TOMS RIVER – As it gets colder, the likelihood of the construction on Routes 166 and 37 being completed any time soon is getting slimmer, and local officials are getting more and more frustrated.
Not only are local businesses feeling the loss of income, but prospective businesses are also being turned away by the construction.
The county has not received any timeline on the completion of the project, Freeholder Joseph Vicari said. Since winter cold makes it more difficult to work with asphalt, he said he doesn’t expect resolution any time soon.
He said he doesn’t know why a road project would drag on the way it has. “I’m at a loss for words,” he said. He blames government bureaucracy.
Vicari said he was told by a project manager that if he keeps complaining about the status, that they’ll pack up workers and move to a part of the project in Monmouth County. He doesn’t know if the manager was an employee of the DOT or a contractor. Either way, it didn’t stop him from talking about it.
“You’re not going to intimidate a freeholder,” he said.
A representative from the governor’s office directed questions to the Department of Transportation, which did not respond to multiple requests for explanation.
Vicari said he is trying to get franchises to come here, but they look at the intersection and move on. He said Cheesecake Factory and Cracker Barrel both took a pass.
The local businesses are beyond frustrated. The Downtown Toms River business improvement district and the Chamber of Commerce have been advocating for these businesses, but they are losing money every month that people avoid that intersection.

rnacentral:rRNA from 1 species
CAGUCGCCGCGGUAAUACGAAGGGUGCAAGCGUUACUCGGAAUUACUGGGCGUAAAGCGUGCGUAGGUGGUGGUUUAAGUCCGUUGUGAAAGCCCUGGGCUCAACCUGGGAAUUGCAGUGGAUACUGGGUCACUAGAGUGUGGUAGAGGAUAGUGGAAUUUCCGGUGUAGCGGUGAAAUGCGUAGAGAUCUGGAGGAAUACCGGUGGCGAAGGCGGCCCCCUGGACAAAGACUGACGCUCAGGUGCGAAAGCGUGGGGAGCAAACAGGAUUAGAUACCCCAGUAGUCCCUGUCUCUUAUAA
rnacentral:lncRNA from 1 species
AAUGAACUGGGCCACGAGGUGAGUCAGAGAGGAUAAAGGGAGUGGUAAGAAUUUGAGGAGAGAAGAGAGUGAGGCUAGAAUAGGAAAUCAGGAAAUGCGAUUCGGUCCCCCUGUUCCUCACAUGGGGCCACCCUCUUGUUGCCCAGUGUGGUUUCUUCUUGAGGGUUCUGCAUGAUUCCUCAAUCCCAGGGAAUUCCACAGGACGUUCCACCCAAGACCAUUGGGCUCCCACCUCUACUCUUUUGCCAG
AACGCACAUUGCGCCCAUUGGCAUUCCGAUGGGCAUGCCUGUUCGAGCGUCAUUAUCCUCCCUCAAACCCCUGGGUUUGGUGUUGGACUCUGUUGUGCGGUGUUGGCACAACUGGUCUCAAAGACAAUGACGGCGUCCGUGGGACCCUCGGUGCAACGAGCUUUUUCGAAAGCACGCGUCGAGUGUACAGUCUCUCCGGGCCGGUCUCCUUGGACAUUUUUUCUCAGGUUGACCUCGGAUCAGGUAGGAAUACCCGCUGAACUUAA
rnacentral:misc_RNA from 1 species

As the sign in front of Corinne Jewelers says: “Longest construction project ever…12,000,000 for this?”
“Nearly 25,000 motorists use that intersection each day and to make matters worse, shoppers are avoiding the area,” Toms River Councilman Daniel Rodrick said in an email to The Toms River Times. “These businesses depend on the weeks between Thanksgiving and Christmas for a large percentage of their annual sales and they employ a lot of people. ShopRite says that they’ve lost 20 percent of their sales as a result of this construction project and I’m confident that the impact is worse for non-essential shopping.
“The DOT and the governor should be ashamed about the way they’re treating Toms River. Governor Murphy owes Toms River an apology. In just 10 months he’s raised our taxes, cut $20 million from our schools and his DOT is threatening prolong this traffic situation if we continue to complain about the negative impact it’s having on our local economy during this important holiday shopping season,” he said.
“We were assured it would be done by Christmas,” Council President Brian Kubiel said at a recent Township Council meeting. The subject had come up again, and no one, not even the township engineer, Robert Chankalian, said they had been kept informed of the state’s plans.
Councilman George Wittmann noted that even though it’s cold, there’s a company in Tinton Falls that produces asphalt year-round.
When people complain that this project has taken a long time, Vicari reminds them that problems started decades ago.
When he was mayor of Toms River, around 1986, there had been a plan to make Route 166 an overpass so it wouldn’t stop Route 37 traffic. That plan was done away with at some point.